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[13] century later, “We of America are in all respects Englishmen.” Professor Edward Channing thinks that it took a century of exposure to colonial conditions to force the English in America away from the traditions and ideals of those who continued to live in the old land. But the student of literature must keep constantly in mind that these English colonizers represented no single type of the national character. There were many men of many minds even within the contracted cabin of the Mayflower. The “sifted wheat” was by no means all of the same variety.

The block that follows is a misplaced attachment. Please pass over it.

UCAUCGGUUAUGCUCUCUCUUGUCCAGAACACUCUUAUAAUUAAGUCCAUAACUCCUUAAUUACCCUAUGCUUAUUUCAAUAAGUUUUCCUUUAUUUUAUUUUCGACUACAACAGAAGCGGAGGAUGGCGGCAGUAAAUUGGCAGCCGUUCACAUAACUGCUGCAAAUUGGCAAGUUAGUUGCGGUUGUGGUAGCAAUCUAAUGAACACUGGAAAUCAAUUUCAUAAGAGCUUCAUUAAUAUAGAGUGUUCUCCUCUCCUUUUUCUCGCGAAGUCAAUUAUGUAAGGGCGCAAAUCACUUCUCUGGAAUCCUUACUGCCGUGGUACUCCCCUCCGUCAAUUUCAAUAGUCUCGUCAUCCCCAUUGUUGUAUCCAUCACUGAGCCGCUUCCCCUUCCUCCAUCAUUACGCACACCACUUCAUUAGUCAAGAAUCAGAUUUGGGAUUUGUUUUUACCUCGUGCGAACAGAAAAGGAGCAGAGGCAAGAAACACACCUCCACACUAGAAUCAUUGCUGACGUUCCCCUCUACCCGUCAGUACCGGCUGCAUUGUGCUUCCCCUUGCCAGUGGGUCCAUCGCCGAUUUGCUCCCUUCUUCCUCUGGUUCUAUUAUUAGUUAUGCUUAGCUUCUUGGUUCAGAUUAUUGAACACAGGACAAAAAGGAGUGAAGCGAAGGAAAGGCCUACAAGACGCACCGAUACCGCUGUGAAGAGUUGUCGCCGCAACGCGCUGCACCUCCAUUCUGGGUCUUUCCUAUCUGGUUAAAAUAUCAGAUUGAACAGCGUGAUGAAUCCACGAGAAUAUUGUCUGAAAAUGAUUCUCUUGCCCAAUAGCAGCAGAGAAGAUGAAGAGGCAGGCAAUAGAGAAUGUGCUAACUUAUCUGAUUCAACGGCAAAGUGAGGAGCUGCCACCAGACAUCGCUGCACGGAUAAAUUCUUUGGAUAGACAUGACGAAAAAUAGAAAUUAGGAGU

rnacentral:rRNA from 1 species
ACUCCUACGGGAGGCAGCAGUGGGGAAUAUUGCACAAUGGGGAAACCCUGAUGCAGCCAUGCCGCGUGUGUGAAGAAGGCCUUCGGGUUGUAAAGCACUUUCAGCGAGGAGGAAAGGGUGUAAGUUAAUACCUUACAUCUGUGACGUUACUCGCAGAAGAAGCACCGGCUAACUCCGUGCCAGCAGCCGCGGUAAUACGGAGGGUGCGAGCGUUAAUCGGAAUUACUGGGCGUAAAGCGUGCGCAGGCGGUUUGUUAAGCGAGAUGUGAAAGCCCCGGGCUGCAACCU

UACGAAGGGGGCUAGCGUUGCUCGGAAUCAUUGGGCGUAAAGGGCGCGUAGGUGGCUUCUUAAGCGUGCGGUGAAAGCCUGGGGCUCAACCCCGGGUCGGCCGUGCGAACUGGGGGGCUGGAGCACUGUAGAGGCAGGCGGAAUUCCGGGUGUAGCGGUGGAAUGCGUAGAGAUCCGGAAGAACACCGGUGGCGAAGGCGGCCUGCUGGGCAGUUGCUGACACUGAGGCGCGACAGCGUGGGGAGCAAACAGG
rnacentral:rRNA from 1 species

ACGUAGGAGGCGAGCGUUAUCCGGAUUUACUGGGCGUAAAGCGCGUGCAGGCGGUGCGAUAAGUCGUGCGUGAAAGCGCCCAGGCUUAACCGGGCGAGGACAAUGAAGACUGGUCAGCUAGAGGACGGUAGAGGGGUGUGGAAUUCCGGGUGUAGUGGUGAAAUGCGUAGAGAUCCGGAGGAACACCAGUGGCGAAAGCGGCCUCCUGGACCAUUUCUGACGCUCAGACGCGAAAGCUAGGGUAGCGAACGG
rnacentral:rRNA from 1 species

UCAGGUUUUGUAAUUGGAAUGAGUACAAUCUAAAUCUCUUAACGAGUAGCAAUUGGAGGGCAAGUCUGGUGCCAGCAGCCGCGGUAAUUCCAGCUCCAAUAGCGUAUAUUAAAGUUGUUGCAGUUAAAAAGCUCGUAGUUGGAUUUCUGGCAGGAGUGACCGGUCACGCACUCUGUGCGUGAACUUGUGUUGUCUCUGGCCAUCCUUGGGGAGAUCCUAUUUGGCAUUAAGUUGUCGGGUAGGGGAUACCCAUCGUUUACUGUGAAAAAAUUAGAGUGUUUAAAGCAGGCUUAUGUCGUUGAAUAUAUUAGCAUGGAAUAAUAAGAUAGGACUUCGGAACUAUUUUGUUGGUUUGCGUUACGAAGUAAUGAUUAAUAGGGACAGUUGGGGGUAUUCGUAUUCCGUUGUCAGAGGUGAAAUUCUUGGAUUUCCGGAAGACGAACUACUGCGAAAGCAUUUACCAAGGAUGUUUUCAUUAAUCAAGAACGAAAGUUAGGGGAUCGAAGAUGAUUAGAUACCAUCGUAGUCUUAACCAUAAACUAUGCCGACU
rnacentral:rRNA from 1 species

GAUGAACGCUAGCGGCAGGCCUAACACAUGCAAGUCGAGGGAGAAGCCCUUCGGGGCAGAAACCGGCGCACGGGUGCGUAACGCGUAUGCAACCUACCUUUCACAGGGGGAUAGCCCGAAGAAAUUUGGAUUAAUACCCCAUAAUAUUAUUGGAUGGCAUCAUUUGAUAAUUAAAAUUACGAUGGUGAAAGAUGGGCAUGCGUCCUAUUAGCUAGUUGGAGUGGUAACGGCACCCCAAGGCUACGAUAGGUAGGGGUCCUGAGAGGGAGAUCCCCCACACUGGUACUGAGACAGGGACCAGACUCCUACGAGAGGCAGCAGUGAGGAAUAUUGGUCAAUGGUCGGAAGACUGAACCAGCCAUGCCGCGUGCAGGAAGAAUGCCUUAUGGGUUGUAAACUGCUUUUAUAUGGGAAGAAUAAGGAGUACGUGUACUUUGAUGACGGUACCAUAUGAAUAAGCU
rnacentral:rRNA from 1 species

For Old England was never more torn by divergent thought and subversive act than in the period between the death of Elizabeth in 1603 and the Revolution of 1688. In this distracted time who could say what was really “English” ? Was it James the First or Raleigh? Archbishop Laud or John Cotton? Charles the First or Cromwell? Charles the Second or William Penn? Was it Churchman, Presbyterian, Independent, Separatist, Quaker? One is tempted to say that the title of Ben Jonson's comedy Every man in his Humour became the standard of action for two whole generations of Englishmen, and that there is no common denominator for emigrants of such

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